|FW||Stanislav Ivanov||16 April 1999||0||0||Chicago Fire||v. Switzerland, 15 November 2021|
|FW||Kaloyan Krastev||24 January 1999||5||0||Beroe||v. Northern Ireland, 12 October 2021|
INJ Player withdrew from the current squad due to injury.
- As of 28 March 2021
- Players in bold text are still active with Bulgaria.
FIFA World Cup
Champions Runners-up Third place Fourth place
|FIFA World Cup record||Qualification record|
|1930||Did not enter||Declined invitation|
|1934||Did not qualify||3||0||0||3||3||14|
|1950||Did not enter||Declined participation|
|1954||Did not qualify||4||0||1||3||3||7|
|1978||Did not qualify||4||1||2||1||5||6|
|1986||Round of 16||15th||4||0||2||2||2||6||Squad||8||5||1||2||13||5|
|1990||Did not qualify||6||1||1||4||6||8|
|2002||Did not qualify||10||5||2||3||14||15|
|2026||To be determined||To be determined|
- *Draws include knockout matches decided on penalty kicks.
UEFA European Championship
|UEFA European Championship record||Qualifying record|
|1960||Did not qualify||2||0||1||1||1||3|
|2000||Did not qualify||8||2||2||4||6||8|
|2008||Did not qualify||12||7||4||1||18||7|
|2024||To be determined||To be determined|
- *Draws include knockout matches decided on penalty kicks.
UEFA Nations League
|UEFA Nations League record|
- *Draws include knockout matches decided on penalty kicks.
|Olympic Games record|
|1908||Did not enter|
|1924||Round of 16||12th||1||0||0||1||0||1||Squad|
|1928||Did not enter|
|1952||Round of 16||13th||1||0||0||1||1||2||Squad|
|1964||Did not qualify|
|1972||Did not qualify|
|Since 1992||Olympic football has been an under-23 tournament|
|Total||1 Silver medal||5/17||14||7||3||4||35||19||—|
|Balkan Cup record|
- *Competition abandoned with Bulgaria in third place.
Positive Record Neutral Record Negative Record
|Bosnia and Herzegovina||2||1||0||1||2||2||0|
|Republic of Ireland||13||3||6||4||10||15||−5|
|United Arab Emirates||6||5||0||1||14||4||+10|
|Best Rank||8||June 1995|
|Current Rank||74||August 2022|
|Worst Rank||96||May 2012|
- FIFA-ranking yearly averages for Bulgaria (1992–2022)
- As of 23 June 2022
- This is a list of honours for the senior Bulgaria national team
- FIFA World Cup:
- Fourth place (1): 1994
- Olympic Games:
- Balkan Cup:
- Bulgaria national under-21 football team
- Bulgaria national under-19 football team
- Bulgaria national under-18 football team
- Bulgaria national under-17 football team
- "The FIFA/Coca-Cola World Ranking". FIFA. 25 August 2022. Retrieved 25 August 2022.
- Elo rankings change compared to one year ago. "World Football Elo Ratings". eloratings.net. 27 September 2022. Retrieved 27 September 2022.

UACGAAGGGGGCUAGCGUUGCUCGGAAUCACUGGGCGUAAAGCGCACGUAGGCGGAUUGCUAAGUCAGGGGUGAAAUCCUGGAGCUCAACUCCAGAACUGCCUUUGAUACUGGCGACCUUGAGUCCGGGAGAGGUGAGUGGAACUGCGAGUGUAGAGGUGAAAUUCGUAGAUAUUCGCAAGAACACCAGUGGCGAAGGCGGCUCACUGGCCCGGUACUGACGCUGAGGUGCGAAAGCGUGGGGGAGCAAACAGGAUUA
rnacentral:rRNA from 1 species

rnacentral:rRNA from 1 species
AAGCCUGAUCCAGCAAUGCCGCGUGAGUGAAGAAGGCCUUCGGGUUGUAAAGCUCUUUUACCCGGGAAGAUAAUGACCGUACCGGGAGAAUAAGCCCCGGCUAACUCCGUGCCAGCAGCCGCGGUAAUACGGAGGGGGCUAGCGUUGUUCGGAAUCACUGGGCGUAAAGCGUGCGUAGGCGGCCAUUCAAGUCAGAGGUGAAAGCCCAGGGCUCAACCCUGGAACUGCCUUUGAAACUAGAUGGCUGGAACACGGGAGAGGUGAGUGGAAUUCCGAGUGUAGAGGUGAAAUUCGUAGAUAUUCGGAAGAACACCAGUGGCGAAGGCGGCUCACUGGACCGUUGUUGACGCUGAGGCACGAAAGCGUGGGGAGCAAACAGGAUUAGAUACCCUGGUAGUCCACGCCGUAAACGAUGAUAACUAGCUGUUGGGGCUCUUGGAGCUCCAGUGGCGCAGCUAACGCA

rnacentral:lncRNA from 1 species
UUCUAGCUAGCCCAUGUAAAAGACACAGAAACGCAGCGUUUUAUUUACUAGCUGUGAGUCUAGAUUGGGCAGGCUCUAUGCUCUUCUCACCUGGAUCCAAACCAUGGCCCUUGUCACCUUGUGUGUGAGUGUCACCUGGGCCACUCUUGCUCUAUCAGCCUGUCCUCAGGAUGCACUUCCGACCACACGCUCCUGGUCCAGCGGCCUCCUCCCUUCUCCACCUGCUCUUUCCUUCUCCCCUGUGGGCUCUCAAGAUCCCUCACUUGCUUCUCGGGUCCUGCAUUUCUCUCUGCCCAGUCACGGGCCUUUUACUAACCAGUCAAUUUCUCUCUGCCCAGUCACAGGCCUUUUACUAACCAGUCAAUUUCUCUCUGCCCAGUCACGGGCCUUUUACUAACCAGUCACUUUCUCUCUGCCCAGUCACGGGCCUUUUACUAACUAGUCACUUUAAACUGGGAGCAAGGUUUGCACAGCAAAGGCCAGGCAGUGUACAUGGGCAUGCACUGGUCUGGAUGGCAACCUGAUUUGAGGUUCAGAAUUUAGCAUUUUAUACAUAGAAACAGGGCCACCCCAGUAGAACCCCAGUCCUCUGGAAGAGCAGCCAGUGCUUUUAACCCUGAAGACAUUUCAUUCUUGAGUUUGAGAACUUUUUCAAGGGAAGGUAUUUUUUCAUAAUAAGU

- "1924 friendly Austria v Bulgaria". worldfootball.net.
- "Bulgaria-Luxembourg - European Qualifiers". UEFA.com.
- "France-Bulgaria - European Qualifiers". UEFA.com.
- "Sweden-Bulgaria - European Qualifiers". UEFA.com.
- "Bulgaria-Belarus - European Qualifiers". UEFA.com.
- "Bulgaria-Netherlands - European Qualifiers". UEFA.com.
- "Bulgaria-Sweden - European Qualifiers". UEFA.com.
- "Netherlands-Bulgaria - European Qualifiers". UEFA.com.
- "Bulgaria-Montenegro - European Qualifiers". UEFA.com.
- "Bulgaria-Hungary - Euro 2020 Qualifying Play-off Semi-final". Retrieved 8 October 2020.
- https://armymedia.bg/archives/191684[dead link]
- "Bulgaria-Republic of Ireland - 2020-21 Nations League B". Retrieved 3 September 2020.
- Fifield, Dominic (18 November 2011). "Bulgaria fined by Uefa after racist chanting against England". The Guardian. Retrieved 15 October 2019.
- Aarons, Ed (13 October 2019). "Bulgaria's Krasimir Balakov says English game has more of an issue with racism". The Guardian. Retrieved 15 October 2019.
- "Bulgaria v England: Euro 2020 qualifier halted twice due to racist behaviour from fans". BBC News. 15 October 2019. Retrieved 15 October 2019.
- "Bulgaria v England: Police arrest six following racist abuse at Euro qualifier". 16 October 2019. Retrieved 17 October 2019.
- "Bulgaria v England: 'Football family' must 'wage war on the racists' says Uefa president". 15 October 2019. Retrieved 17 October 2019.
- "Bulgaria v England: 'Football family' must 'wage war on the racists' says Uefa president". 15 October 2019. Retrieved 17 October 2019.
- "Bulgaria squad for the games against Gibraltar and North Macedonia". Bulgarian Football Union. 5 September 2022.
- "Bulgaria-Gibraltar | UEFA Nations League 2023 | UEFA.com". UEFA.
- "Most Bulgaria Caps - EU-Football.info". eu-football.info.
- Mamrud, Roberto. "Bulgaria - Record International Players". RSSSF.
- "World Football Elo Ratings: Bulgaria".
- "FIFA-ranking yearly averages for Bulgaria". FIFA.com.
- Official website (in Bulgarian)
- Bulgaria at FIFA site
- Bulgaria at UEFA site
- Bulgarian football – history, teams, stadiums, fan clubs
- RSSSF archive of results 1924–
- RSSSF archive of most capped players and highest goalscorers
- Planet World Cup archive of results in the World Cup
- Planet World Cup archive of squads in the World Cup
- Planet World Cup archive of results in the World Cup qualifiers